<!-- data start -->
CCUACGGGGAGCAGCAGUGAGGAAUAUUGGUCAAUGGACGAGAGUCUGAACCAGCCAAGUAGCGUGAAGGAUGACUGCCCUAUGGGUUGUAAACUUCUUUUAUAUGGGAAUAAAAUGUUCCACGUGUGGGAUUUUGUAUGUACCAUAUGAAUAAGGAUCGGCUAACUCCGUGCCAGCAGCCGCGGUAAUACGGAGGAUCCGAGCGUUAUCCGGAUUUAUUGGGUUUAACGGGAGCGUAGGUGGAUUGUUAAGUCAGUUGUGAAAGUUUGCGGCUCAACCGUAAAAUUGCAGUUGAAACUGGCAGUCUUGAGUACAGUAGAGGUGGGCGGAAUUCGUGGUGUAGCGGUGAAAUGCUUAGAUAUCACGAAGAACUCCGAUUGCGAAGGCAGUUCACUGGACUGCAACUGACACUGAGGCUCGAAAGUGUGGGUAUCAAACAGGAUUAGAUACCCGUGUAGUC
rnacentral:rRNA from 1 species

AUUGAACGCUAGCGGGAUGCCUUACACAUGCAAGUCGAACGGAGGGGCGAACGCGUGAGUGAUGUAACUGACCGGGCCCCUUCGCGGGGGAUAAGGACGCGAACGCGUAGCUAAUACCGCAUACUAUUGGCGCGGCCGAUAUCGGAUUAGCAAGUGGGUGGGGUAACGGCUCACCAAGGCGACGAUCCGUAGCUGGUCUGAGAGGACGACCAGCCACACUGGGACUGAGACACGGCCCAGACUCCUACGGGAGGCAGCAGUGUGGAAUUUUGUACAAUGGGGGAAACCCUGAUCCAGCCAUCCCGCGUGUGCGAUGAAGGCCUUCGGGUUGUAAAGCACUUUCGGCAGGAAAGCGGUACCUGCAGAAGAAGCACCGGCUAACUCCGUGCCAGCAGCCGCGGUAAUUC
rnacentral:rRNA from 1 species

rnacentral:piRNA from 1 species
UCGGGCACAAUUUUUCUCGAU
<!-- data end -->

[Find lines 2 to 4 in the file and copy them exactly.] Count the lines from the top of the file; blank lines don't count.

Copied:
rnacentral:rRNA from 1 species

AUUGAACGCUAGCGGGAUGCCUUACACAUGCAAGUCGAACGGAGGGGCGAACGCGUGAGUGAUGUAACUGACCGGGCCCCUUCGCGGGGGAUAAGGACGCGAACGCGUAGCUAAUACCGCAUACUAUUGGCGCGGCCGAUAUCGGAUUAGCAAGUGGGUGGGGUAACGGCUCACCAAGGCGACGAUCCGUAGCUGGUCUGAGAGGACGACCAGCCACACUGGGACUGAGACACGGCCCAGACUCCUACGGGAGGCAGCAGUGUGGAAUUUUGUACAAUGGGGGAAACCCUGAUCCAGCCAUCCCGCGUGUGCGAUGAAGGCCUUCGGGUUGUAAAGCACUUUCGGCAGGAAAGCGGUACCUGCAGAAGAAGCACCGGCUAACUCCGUGCCAGCAGCCGCGGUAAUUC
rnacentral:rRNA from 1 species